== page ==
In the last years, the fact more and more African women have been elected members of national parliament has been celebrated as an extraordinary and new success. Meanwhile, more and more countries have adopted gender quotas to ensure a fair representation of female politicians. The number of women in African parliaments has tremendously increased in African countries over the last decades and this achievement is extraordinary as African politics remain dominated by male leaders while women tend to be represented as being too weak to assume positions of power. Their success therefore entailed enormous political courage as well as many personal and even financial sacrifices.
And, yet, is this achievement really new? The political, economic, financial, cultural and social barriers hindering women’s representation in parliaments today (in early 21st century) have been well researched. But the history of the women pioneers who vied for a parliamentary seat once their country became independent has been largely unexplored. It is therefore fair to say that very little is known about the history of women’s fights for parliamentary powers. This project aims at precisely doing this looking at Kenyan history and filling the gap in the current knowledge about Kenyan women’s political history.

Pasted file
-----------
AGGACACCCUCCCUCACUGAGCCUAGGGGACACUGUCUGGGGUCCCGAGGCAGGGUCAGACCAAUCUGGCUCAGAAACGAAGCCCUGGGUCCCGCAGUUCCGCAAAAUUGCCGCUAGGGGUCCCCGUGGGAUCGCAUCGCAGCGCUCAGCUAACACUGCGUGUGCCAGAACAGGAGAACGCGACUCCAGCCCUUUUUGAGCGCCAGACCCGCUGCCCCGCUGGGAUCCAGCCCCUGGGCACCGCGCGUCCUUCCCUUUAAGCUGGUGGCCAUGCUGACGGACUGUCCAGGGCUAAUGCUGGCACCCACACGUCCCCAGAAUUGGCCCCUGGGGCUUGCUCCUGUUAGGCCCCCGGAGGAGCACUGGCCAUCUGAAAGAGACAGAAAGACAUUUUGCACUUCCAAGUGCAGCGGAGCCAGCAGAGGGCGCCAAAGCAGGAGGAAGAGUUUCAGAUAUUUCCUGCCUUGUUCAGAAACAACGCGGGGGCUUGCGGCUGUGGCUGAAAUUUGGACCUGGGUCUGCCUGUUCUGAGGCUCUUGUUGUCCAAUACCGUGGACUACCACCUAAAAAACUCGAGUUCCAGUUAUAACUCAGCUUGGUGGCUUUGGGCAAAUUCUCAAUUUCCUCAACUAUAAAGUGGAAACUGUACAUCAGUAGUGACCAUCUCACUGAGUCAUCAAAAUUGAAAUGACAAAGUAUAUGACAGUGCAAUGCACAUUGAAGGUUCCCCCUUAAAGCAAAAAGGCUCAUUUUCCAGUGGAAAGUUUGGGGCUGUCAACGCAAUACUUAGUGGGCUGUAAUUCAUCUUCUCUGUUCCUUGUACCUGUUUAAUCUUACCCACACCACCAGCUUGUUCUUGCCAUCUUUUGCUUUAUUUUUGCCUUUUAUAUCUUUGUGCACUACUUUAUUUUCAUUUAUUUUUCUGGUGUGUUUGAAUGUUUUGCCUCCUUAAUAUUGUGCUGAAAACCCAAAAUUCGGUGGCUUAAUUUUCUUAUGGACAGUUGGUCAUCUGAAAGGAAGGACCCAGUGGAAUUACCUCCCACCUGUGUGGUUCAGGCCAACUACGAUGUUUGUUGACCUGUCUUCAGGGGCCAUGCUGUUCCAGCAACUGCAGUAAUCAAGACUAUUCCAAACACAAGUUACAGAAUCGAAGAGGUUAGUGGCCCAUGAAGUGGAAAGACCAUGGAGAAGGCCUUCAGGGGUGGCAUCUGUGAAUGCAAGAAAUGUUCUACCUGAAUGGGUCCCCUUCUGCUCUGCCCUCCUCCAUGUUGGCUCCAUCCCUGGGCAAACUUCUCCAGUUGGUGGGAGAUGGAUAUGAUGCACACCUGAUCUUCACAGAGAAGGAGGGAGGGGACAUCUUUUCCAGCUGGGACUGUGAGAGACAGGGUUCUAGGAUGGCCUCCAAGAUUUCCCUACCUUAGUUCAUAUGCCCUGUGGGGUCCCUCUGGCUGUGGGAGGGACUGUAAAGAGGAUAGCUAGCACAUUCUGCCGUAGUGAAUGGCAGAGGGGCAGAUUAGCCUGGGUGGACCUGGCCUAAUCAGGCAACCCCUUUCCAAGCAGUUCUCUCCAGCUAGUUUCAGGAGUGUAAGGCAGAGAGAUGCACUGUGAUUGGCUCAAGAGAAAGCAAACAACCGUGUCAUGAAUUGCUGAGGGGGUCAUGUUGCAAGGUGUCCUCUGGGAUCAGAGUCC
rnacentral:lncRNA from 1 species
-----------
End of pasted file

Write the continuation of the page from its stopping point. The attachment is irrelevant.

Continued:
African women are not new to politics. They were essential actors in pre-colonial times, and while colonization disempowered them they were essential to the struggle for independent throughout the African continent. Upon independence, women fought to ensure they had a say in postcolonial politics. And yet, few traces of their struggles remain: women have been largely put aside African politics and in African history.
Looking at parliamentary archives, however, one thing is clear: there were a few women who dared campaigning for a parliamentary seat. To do so, they must have been very active in mobilizing supporters, spreading and defending their ideas in large rallies, going door to door at a time no one expected a woman to be so publicly politically active. Who were these women? Why did they campaign and what did they do afterwards? How can we document and write about their political endeavor? These are the main questions this project asks.
The project started in March 2023, is funded by the Austrian Science Fund (FWF) and will last three years. Archival research, interviews, conferences and other activities will be conducted and of course, reported on this website!